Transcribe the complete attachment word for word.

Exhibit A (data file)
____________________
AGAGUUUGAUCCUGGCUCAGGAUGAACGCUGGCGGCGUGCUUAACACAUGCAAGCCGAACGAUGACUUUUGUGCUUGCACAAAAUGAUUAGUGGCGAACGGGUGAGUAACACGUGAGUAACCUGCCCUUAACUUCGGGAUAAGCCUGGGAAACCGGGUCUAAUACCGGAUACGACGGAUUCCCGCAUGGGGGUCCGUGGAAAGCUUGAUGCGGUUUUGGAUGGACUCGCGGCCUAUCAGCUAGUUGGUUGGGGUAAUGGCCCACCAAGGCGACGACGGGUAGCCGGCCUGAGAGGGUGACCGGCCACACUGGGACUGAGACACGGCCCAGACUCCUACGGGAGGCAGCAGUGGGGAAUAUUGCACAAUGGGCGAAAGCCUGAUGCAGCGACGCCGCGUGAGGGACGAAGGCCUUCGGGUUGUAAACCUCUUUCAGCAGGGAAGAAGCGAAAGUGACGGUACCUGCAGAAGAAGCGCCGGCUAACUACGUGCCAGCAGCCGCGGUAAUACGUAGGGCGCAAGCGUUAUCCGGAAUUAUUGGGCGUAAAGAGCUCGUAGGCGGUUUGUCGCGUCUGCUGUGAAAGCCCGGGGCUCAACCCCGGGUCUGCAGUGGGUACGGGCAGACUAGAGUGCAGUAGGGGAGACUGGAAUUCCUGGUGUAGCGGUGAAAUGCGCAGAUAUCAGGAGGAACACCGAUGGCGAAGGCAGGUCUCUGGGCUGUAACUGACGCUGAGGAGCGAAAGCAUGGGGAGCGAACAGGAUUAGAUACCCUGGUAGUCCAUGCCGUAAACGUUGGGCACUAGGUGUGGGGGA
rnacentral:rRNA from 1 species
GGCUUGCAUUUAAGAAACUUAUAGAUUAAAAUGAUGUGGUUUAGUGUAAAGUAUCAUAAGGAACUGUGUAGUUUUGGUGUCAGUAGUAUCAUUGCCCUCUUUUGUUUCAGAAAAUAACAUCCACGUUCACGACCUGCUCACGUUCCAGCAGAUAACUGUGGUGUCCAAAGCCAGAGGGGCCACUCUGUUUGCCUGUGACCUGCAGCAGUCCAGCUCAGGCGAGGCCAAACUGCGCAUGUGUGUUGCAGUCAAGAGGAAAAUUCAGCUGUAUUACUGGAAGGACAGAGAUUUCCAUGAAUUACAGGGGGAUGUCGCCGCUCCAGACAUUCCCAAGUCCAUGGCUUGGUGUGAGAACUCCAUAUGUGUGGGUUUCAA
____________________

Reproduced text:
AGAGUUUGAUCCUGGCUCAGGAUGAACGCUGGCGGCGUGCUUAACACAUGCAAGCCGAACGAUGACUUUUGUGCUUGCACAAAAUGAUUAGUGGCGAACGGGUGAGUAACACGUGAGUAACCUGCCCUUAACUUCGGGAUAAGCCUGGGAAACCGGGUCUAAUACCGGAUACGACGGAUUCCCGCAUGGGGGUCCGUGGAAAGCUUGAUGCGGUUUUGGAUGGACUCGCGGCCUAUCAGCUAGUUGGUUGGGGUAAUGGCCCACCAAGGCGACGACGGGUAGCCGGCCUGAGAGGGUGACCGGCCACACUGGGACUGAGACACGGCCCAGACUCCUACGGGAGGCAGCAGUGGGGAAUAUUGCACAAUGGGCGAAAGCCUGAUGCAGCGACGCCGCGUGAGGGACGAAGGCCUUCGGGUUGUAAACCUCUUUCAGCAGGGAAGAAGCGAAAGUGACGGUACCUGCAGAAGAAGCGCCGGCUAACUACGUGCCAGCAGCCGCGGUAAUACGUAGGGCGCAAGCGUUAUCCGGAAUUAUUGGGCGUAAAGAGCUCGUAGGCGGUUUGUCGCGUCUGCUGUGAAAGCCCGGGGCUCAACCCCGGGUCUGCAGUGGGUACGGGCAGACUAGAGUGCAGUAGGGGAGACUGGAAUUCCUGGUGUAGCGGUGAAAUGCGCAGAUAUCAGGAGGAACACCGAUGGCGAAGGCAGGUCUCUGGGCUGUAACUGACGCUGAGGAGCGAAAGCAUGGGGAGCGAACAGGAUUAGAUACCCUGGUAGUCCAUGCCGUAAACGUUGGGCACUAGGUGUGGGGGA
rnacentral:rRNA from 1 species
GGCUUGCAUUUAAGAAACUUAUAGAUUAAAAUGAUGUGGUUUAGUGUAAAGUAUCAUAAGGAACUGUGUAGUUUUGGUGUCAGUAGUAUCAUUGCCCUCUUUUGUUUCAGAAAAUAACAUCCACGUUCACGACCUGCUCACGUUCCAGCAGAUAACUGUGGUGUCCAAAGCCAGAGGGGCCACUCUGUUUGCCUGUGACCUGCAGCAGUCCAGCUCAGGCGAGGCCAAACUGCGCAUGUGUGUUGCAGUCAAGAGGAAAAUUCAGCUGUAUUACUGGAAGGACAGAGAUUUCCAUGAAUUACAGGGGGAUGUCGCCGCUCCAGACAUUCCCAAGUCCAUGGCUUGGUGUGAGAACUCCAUAUGUGUGGGUUUCAA